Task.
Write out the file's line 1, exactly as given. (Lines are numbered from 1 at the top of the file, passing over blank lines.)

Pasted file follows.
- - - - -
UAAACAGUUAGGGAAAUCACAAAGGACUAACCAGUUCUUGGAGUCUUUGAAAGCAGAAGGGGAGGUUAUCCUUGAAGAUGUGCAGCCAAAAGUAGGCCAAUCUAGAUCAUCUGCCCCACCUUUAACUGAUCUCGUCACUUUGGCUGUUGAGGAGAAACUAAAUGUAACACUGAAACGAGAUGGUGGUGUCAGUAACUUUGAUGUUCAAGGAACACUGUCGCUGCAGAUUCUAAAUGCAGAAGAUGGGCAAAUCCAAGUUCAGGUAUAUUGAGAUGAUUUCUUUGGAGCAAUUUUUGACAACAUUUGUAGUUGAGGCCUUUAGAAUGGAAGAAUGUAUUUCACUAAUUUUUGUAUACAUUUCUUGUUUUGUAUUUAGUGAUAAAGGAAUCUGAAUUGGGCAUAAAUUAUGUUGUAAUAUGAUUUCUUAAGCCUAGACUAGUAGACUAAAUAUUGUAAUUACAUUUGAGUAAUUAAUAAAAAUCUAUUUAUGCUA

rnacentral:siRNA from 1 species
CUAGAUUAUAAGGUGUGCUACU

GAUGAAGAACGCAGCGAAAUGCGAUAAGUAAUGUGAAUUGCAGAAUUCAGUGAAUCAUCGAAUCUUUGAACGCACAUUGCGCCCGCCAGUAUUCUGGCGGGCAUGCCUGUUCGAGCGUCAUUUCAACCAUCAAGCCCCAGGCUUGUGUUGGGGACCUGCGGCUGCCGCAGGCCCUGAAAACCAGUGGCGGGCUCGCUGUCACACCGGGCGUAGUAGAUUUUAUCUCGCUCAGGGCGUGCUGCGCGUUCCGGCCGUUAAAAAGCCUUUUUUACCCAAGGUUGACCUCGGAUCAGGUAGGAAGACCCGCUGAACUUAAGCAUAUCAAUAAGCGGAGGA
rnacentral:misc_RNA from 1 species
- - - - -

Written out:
UAAACAGUUAGGGAAAUCACAAAGGACUAACCAGUUCUUGGAGUCUUUGAAAGCAGAAGGGGAGGUUAUCCUUGAAGAUGUGCAGCCAAAAGUAGGCCAAUCUAGAUCAUCUGCCCCACCUUUAACUGAUCUCGUCACUUUGGCUGUUGAGGAGAAACUAAAUGUAACACUGAAACGAGAUGGUGGUGUCAGUAACUUUGAUGUUCAAGGAACACUGUCGCUGCAGAUUCUAAAUGCAGAAGAUGGGCAAAUCCAAGUUCAGGUAUAUUGAGAUGAUUUCUUUGGAGCAAUUUUUGACAACAUUUGUAGUUGAGGCCUUUAGAAUGGAAGAAUGUAUUUCACUAAUUUUUGUAUACAUUUCUUGUUUUGUAUUUAGUGAUAAAGGAAUCUGAAUUGGGCAUAAAUUAUGUUGUAAUAUGAUUUCUUAAGCCUAGACUAGUAGACUAAAUAUUGUAAUUACAUUUGAGUAAUUAAUAAAAAUCUAUUUAUGCUA